Hollywood Bitchslap’s 10 Best and WORST of 2008 (Boll-Free)

CRITICAL MASS: Sean Burns and Matt Prigge discuss the films of 2008.
















Seattle film critic Robert Horton moderates a film series panel discussion at the Frye Art Museum on the best and sometimes worst films of the year. Kathleen Murphy (Queen Anne News,, Andrew Wright (The Stranger), Jim Emerson ( and Horton also provide their top ten movie lists of 2008.


Use this handy guide from the Los Angeles Times to help you decide what movies to skip in 2009!

It’s Armond White’s annual BETTER THAN list, guarantee to shock, surprise, delight and perhaps even annoy!

Join DAVID EDELSTEIN for a look at his top film picks for 2009.

Andrew Schneker’s fine, restrained piece on GRAN TORINO

Appropo of nothing 2008, read Bruce Handy’s excellent piece on composer extraordinaire JOHN BARRY

…and Ed Howard’s EARLY HAWKS BLOG-A-THON would be an excellent way to get 2009 started in style, you know…

PLUS, just because:



And as if things weren’t already weird enough in 2009, how about A WEDDING AT TACO BELL?

Finally, belated goodbyes to Patrick McGoohan from Glenn Kenny, Ricardo Montalban from the Los Angeles Times and now, word of the death of Ironside actor Don Galloway from Allan R. Ellenberger. May these talented men, and all those who have left us over the past year, find peaceful rest...

And before I forget, the year's worst.

Second runner-up: The Happening (M. Night Shamaylan)

First runner-up: Mamma Mia! (Phyllidia Lloyd)

And the year's biggest loser, Zach and Miri Make a Porno (Kevin Smith)



Joe Baker said...

I bow down to your list making, prowess my blogging friend! Great list, especially the inclusion of Shotgun Stories and My Blueberry Nights. I'm convinced that when Michael Shannon blows up in the mainstream either this year or the next, Shotgun Stories will be the film everyone races back to watch.

Anonymous said...


Once again you show true film-manship and this self-described "delayed year end posting" was well worth the wait. Why your not getting paid to do this is beyond me.

And I absolutely love the fact that 35 year old disaster movies are getting the love they deserve. These were true escapist films that the movies were invented for in the first place. Nice work my friend.

Greg said...

I don't really know what to comment on but I feel if a fellow blogger puts this much work into a post then God Almighty, I have to say "Thanks." I do not have the patience to place as many links into one post as you have here. For that alone I applaud you.

And what are you apologizing for about not seeing everything? Crikey, looks like you've seen 90 percent of what was released in 2008. Anyway, excellent job (and thanks for the Best/Worst FX links, I love watching clips like that).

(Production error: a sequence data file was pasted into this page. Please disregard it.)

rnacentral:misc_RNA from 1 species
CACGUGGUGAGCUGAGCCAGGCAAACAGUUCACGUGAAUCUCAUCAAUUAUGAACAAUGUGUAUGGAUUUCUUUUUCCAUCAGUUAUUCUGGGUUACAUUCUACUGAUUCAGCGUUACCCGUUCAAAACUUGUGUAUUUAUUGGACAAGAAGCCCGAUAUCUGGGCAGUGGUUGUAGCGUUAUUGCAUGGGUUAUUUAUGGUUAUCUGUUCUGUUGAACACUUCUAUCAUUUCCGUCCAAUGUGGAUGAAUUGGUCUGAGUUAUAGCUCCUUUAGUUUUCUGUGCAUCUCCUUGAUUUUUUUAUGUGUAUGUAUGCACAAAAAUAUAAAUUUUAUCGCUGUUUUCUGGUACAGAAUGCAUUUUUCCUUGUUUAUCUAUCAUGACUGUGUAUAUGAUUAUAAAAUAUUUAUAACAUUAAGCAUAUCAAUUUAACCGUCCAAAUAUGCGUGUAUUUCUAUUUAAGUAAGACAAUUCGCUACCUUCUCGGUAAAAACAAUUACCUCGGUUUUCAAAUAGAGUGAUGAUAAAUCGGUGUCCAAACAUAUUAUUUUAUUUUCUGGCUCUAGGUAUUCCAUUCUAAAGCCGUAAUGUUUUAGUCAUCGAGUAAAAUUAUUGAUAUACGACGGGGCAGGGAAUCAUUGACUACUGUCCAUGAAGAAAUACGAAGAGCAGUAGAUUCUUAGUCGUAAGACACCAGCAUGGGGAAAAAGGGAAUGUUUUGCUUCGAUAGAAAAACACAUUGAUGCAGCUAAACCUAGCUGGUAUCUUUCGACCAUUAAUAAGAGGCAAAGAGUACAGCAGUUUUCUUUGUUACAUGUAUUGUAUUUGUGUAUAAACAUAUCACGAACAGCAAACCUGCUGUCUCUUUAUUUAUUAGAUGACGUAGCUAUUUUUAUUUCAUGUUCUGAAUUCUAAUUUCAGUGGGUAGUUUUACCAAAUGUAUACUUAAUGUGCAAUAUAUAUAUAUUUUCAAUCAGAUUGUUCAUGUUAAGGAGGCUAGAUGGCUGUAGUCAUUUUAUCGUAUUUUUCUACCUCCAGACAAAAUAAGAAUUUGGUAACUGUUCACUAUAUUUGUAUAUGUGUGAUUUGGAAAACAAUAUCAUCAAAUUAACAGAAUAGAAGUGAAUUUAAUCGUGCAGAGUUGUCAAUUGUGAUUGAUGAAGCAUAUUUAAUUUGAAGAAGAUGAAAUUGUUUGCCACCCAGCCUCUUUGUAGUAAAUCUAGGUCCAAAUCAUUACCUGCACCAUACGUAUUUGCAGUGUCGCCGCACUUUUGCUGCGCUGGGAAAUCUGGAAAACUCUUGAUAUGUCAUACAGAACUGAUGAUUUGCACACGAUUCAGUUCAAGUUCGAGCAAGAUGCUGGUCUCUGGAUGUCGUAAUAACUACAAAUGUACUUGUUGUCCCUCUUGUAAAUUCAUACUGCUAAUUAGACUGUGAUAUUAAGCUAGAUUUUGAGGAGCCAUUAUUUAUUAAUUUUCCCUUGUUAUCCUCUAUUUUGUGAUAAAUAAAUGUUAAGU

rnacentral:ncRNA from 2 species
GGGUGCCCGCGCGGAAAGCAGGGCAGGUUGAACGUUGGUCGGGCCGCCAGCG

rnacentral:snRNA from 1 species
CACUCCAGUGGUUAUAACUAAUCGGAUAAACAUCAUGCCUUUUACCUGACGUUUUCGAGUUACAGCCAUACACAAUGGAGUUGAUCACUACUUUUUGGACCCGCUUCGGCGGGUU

Ali Arikan said...

And, once again, the most entertaining, and richly fullfilling, look back at the previous year's films comes from Dennis.

Lots to say (especially with regard the bleak conclusion to Let The Right One In), but let me read this bad boy again. And, who knows, I might even finish my best of list before it's time to compile one for 2009.

This is beyond impressive - this is a labour of love. Dennis, I salute you.

Bob Turnbull said...

I'm savouring going through the links (thanks for including me!) and can't wait to dig into the special effects ones later.

Thanks for making me curious about several films not on my radar and even more eager to see some that are on the list ("Speed Racer" chief among them, but I go hot and cold depending on who I read - I'll get to it though). And yay for "Towering Inferno"!

I can't agree as much on "Mamma Mia!" being that awful - oh, it's no great shakes, but if you've seen the stage play, roll with the absurdity of trying to cram a plot around those songs and just enjoy Meryl Streep and Colin Firth, it ends up being pretty enjoyable. Depends on how you approach the film I guess - I had few expectations due to the early lambasting it took.

Thanks also for reminding me that I gotta get me a copy of that "Roadhouse" DVD.

bill r. said...

Good Lord, you put a lot of work into these, don't you? You shame me.

A couple of things: I finally saw In Bruges, and while I take issue with certain elements, when it works, it works like hell. I don't want to give anything away, so I'll be mysterious here, but one of the most haunting images I've ever seen in a film happens towards the end of In Bruges -- close-up of a pair of eyes. I think you know the moment. And Colin Farrell and Brendand Gleeson are through-the-roof great in this.

And I must take issue with your lovely wife regarding that scene in Hancock. It was right about then that I started to tune out. I hated that scene.

It was nice to see Redbelt on your list, even though you liked it more than I did. You certainly made me want to see it again.

And Speed Racer...yeah, I WILL SEE THAT MOVIE! I promise!

bill r. said...